Warren Buffett is a tough negotiator, which is one reason why he’s the second-wealthiest person in America.
So when the President refers to his new initiative to raise taxes on millionaires as the “Buffett rule” we might expect he’d start the bargaining with a tough position.
But this is Barack Obama, whose idea of negotiating is to give away half the house before he’s even asked the other side for the bathroom sink.
Apparently Obama will propose that people earning more than $1 million a year pay at least the same tax rate as middle-class earners. That’s aiming mighty low.
America’s median income is about $50,000. The typical taxpayer at that level pays approximately 20 per cent in taxes.
Granted, that’s a higher rate that most of today’s super rich pay because of countless deductions, credits, and loopholes – including, especially, their ability to take their incomes in the form of capital gains, taxed at 15 per cent. That’s a big reason Buffett’s hundreds of millions a year are taxed at just over 17 per cent — a lower rate than his secretary faces, as Buffett often says.
But a 20 per cent rate is still ridiculously low compared to what millionaires and billionaires ought to be paying. Officially, income over $379,150 is supposed to be taxed at 35%.
And even 35 per cent is a pittance compared to the first three decades after World War II. Before Ronald Reagan slashed taxes on the rich in 1981, the highest marginal tax rate was over 70 per cent. Under Dwight Eisenhower it was 91 per cent. Even if you include deductions and credits, the rich are now paying a far lower share of their incomes in taxes than at any time since World War II.
The estate tax (which only hits the top 2 per cent) has also been slashed. In 2000 it was 55 per cent and kicked in after $1 million. Today it’s 35 per cent and kicks in at $5 million. Capital gains – comprising most of the income of the super-rich – were taxed at 35 per cent in the late 1980s. They’re now taxed at 15 per cent.
Meanwhile, the top 1 per cent’s share of national income has doubled over the past three decades (from 10 per cent in 1981 to well over 20 per cent now). The richest one-tenth of 1 per cent’s share has tripled. And they’re doing better than ever. The last time the top 1 per cent got that much was in the roaring 1920s.
So much money is now concentrated at the top that what we really need are more tax brackets at the high end, higher marginal rates in each bracket, and a tax code that treats all sources of income – whether ordinary or capital gains – the same.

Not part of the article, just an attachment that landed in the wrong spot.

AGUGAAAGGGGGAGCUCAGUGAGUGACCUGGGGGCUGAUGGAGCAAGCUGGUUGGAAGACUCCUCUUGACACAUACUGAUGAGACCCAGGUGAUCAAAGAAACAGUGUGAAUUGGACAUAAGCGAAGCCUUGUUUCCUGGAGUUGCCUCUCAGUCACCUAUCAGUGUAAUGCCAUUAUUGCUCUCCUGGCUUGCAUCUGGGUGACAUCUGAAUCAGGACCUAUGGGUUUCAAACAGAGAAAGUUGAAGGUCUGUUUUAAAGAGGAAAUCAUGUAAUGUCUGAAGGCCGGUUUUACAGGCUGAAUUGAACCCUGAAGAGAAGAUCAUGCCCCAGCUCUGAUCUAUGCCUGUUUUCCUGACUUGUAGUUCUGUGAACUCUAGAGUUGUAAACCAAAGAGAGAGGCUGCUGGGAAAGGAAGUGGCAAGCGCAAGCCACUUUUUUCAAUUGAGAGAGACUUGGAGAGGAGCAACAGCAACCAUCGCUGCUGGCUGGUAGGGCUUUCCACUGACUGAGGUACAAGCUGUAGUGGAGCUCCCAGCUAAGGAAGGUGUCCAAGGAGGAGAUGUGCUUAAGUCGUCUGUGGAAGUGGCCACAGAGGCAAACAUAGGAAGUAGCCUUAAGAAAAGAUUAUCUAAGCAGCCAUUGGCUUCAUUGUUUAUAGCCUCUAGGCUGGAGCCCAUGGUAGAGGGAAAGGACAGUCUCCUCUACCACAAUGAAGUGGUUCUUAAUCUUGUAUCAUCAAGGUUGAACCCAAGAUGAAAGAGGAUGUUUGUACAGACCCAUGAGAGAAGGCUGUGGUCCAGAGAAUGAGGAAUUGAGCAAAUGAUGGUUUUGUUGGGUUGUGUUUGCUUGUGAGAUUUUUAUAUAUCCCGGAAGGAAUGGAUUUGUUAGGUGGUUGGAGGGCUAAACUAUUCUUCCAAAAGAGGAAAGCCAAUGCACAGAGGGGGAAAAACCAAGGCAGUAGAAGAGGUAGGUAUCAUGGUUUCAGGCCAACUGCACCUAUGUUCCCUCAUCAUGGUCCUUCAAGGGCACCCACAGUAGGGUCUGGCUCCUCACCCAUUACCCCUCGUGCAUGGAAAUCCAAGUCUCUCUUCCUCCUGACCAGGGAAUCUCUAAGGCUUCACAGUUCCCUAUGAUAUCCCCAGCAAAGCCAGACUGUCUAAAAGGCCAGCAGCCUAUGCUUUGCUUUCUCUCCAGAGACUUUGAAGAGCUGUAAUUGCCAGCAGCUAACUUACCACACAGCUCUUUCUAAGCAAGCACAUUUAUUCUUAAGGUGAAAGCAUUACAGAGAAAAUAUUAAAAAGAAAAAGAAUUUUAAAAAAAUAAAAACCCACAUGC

The marginal tax rate ought to be raised to 50 per cent on income between $500,000 and $5 million, 60 per cent on income between $5 million and $15 million, and 70 per cent on income over $15 million.
In light of our history, and in the face of future budget deficits that will otherwise cause taxes to be raised on the middle class and government services to be sliced, this is the least we should expect from the richest among us.
Why shouldn’t the President be calling for this, instead of asking that millionaires and billionaires pay at a rate average earners pay?
At least begin from a tough negotiating position. Especially since congressional Republicans will oppose any tax increases on the wealthy, whom they call “job creators” — even though big companies are sitting on more than $2 trillion in cash and aren’t creating any jobs at all, while 99 per cent small-business owners, who account for most new jobs, make under a million dollars a year.
Besides, the public supports raising taxes on the rich. (In an August CBS News/New York Times survey, 63% of respondents favoured increasing taxes on households earning more than $250,000 a year to help close the budget deficit.)
In fairness, we don’t yet know the details of the President’s proposal. The White House hasn’t said what the minimum rate on millionaires will be, or how they’ll define a “middle class” income. Maybe he’ll surprise us by starting out much higher and tougher.
I hope so. But as he’s proven time and time again, when it comes to negotiating Barack Obama is no Warren Buffett.
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